- Snyder’s 2011-2012 budget cut education spending – the cumulative effects of which resulted in a net decrease in per pupil education spending for his first term. A 2014 analysis found that education spending for school aid had a net drop of $235 million for Snyder’s first term. (M Live, 02/04/15)
- Snyder’s 2011-2012 budget cut also cut welfare programs, law enforcement funding, and millions for environmental protection.
Snyder’s Emergency Managers
Governor Snyder appointed the Flint emergency managers between 2011 and 2015 – stripping the people of Flint of the ability to meet their City’s challenges themselves through their own elected leaders.
In a 2017 report, the Michigan Civil Rights Commission said that “systemic racism” played a significant role in the government’s poor response and disregard for the concerns of Flint residents, and agrees that “the absence of public input,” with regard to the Emergency Manager Law, “either directly or through officials they elected is a very significant violation of the principles of environmental justice” and that an emergency manager “from outside the community does not share the community’s interests, and may not even understand them or know what they are.”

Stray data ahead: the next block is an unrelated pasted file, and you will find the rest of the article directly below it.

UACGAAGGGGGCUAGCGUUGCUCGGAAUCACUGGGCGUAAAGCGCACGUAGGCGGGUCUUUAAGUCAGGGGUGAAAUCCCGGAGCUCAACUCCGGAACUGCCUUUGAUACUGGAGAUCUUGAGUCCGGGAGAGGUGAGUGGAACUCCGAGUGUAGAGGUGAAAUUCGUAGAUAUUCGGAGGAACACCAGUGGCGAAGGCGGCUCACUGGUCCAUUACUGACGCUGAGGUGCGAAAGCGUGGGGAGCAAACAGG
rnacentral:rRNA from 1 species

The Commission concluded that “had the emergency manager law focused on the financial health of the city and the welfare of its residents, and not just on cost-cutting measures, and/or had it allowed for meaningful involvement of the community when it came to the very basic needs of life, clean water and clean air, this too could have served to mitigate or even prevent the water crisis.”
The commission believes that we have answered our initial question, ‘Was race a factor in the Flint Water Crisis?’ Our answer is an unreserved and undeniable — ‘yes’.The Flint Water Crisis: Systemic Racism Through the Lens of Flint, Report of the Michigan Civil Rights Commission, February 17, 2017